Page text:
01 September 2016

When Your Lab Participant is on Drugs (or seems to be, at least)

The other day, I had a participant who visited my lab, who acted quite weird. The sad thing is that I couldn't screen them whether they are high or not beforehand, so while most of my participants are good and therefore the data they contribute are usable, sometimes I just get weird participants who I have to deal with, pay, and yet remove from the study, as their data will be more or less corrupted and unusable.

So this guy came to my lab. I asked him a few questions in the beginning, making sure that he was eligible for the study. He sort of answered them satisfactorily. It was during the experiment itself that made me think that something was off.

So I was explaining to this person what the experiment was about. The instructions are also presented on the computer screen, which every participant can read. However, I don't just let them read it on their own, I explain it to them simultaneously. In fact, normal participants don't even read the instructions and they just listen to me, because that's probably easier. And if they wanted to read what was on the screen, they would read it after I finish explaining things.

Anyway, this person couldn't handle the fact that there was visual and auditory stimuli at the same time. I had to ask him if he had any questions, and then he blanks out, and so I would repeat the instructions to him. I told him the instructions three times. He seemed just generally zonked out so to speak.

And then when the experiment finished, I asked him if there were any patterns he noticed. A lot of participants would notice something. Whether it was something about the way the sentences were phrased, or whether there were multiple instances of a particular phrase, a normal participant would notice something. What he noticed was something totally unexpected, and basically he noticed something which if you are a normal participant, you would figure out that that part was not the experiment. It's almost like saying that he noticed that the screen's background was white.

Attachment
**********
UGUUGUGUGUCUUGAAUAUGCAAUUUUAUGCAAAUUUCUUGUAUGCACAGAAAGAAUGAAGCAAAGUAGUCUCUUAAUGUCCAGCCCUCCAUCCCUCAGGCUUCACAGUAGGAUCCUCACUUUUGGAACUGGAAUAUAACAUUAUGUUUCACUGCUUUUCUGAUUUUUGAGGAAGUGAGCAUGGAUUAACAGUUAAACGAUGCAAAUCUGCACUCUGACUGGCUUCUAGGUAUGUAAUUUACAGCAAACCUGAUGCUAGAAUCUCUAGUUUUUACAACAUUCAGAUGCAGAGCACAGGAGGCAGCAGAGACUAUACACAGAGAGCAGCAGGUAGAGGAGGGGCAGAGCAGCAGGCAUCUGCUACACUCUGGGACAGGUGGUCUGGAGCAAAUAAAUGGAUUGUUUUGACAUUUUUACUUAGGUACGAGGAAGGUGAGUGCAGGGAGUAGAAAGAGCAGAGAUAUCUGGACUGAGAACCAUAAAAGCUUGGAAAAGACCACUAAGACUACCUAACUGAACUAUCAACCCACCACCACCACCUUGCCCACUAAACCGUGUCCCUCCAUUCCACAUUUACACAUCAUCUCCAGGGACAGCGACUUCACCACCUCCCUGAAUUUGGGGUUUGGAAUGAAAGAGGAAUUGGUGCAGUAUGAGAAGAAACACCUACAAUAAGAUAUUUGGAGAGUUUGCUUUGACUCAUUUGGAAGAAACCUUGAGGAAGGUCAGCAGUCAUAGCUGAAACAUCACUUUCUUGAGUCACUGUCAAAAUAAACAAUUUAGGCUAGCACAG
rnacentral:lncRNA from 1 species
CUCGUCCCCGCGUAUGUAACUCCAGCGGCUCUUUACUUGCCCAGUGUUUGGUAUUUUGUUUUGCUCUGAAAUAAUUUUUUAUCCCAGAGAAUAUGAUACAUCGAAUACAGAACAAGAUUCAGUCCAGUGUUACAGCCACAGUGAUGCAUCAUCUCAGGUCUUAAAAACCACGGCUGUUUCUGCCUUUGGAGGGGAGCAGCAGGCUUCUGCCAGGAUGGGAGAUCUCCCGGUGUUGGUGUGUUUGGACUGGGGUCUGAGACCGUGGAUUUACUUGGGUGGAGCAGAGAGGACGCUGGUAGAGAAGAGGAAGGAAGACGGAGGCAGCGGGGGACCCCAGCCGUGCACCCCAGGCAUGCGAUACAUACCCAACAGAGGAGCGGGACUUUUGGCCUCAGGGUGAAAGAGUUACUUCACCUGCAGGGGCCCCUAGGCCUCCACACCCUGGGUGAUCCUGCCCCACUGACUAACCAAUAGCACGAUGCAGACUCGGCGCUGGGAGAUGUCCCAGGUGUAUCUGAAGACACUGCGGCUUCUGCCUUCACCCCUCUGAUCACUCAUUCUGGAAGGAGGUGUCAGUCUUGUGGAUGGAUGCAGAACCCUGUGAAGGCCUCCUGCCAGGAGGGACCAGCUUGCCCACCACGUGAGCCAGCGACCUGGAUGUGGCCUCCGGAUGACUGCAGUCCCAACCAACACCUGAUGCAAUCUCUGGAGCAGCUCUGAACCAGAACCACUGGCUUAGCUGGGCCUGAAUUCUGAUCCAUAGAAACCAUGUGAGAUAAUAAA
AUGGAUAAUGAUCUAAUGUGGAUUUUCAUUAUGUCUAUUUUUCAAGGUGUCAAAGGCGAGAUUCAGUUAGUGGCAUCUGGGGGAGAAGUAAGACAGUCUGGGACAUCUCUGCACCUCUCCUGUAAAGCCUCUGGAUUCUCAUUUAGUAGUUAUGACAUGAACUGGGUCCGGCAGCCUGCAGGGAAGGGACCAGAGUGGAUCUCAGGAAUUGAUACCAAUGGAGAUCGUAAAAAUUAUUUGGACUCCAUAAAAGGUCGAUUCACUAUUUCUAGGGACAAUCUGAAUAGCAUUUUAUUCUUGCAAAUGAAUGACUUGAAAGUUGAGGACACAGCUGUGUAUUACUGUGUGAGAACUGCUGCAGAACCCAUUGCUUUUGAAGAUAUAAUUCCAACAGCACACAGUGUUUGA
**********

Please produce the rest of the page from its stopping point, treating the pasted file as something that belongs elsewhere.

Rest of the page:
There were supposed to be two experiments running during the hour, but after the first one, I figured that I wouldn't be able to use the data from this person, and therefore what's the point of running the second experiment when I am going to throw the data away anyway. So I said that the session is over, I paid him 10 EUR for his time, and he left.

He didn't smell of alcohol, nor of weed. But he seemed to have trouble concentrating, and whenever he was looking at me when we were talking, he seemed like he was looking through my head, looking at something behind me. My guess is that he was on a trip or something. Who knows, I don't have drug experience so what can I say?

Thankfully this doesn't happen too often.

I suppose there are pros and cons with not recruiting in the university. Since I do not work in a university setting, I don't have an easy access to Introductory Psychology students who would be potential participants. When I was in graduate school that's how I recruited my experiment participants. The negative thing about that is that your participants tend to be quite homogeneous, composed of university students 18-24 years old. My sample is broader and more heterogeneous than that, but yes, sometimes I do get flukes like these whose data I have to throw out.

2 comments:

  1. Wow, that's kind of awkward... for him, in hindsight, and for you, as for how to handle the situation. Yes, useless data I guess :-/

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    Replies
    1. Zhu,

      Yes, it was kind of awkward indeed. Thankfully, these instances do not happen often, and they are more the exception than the rule.

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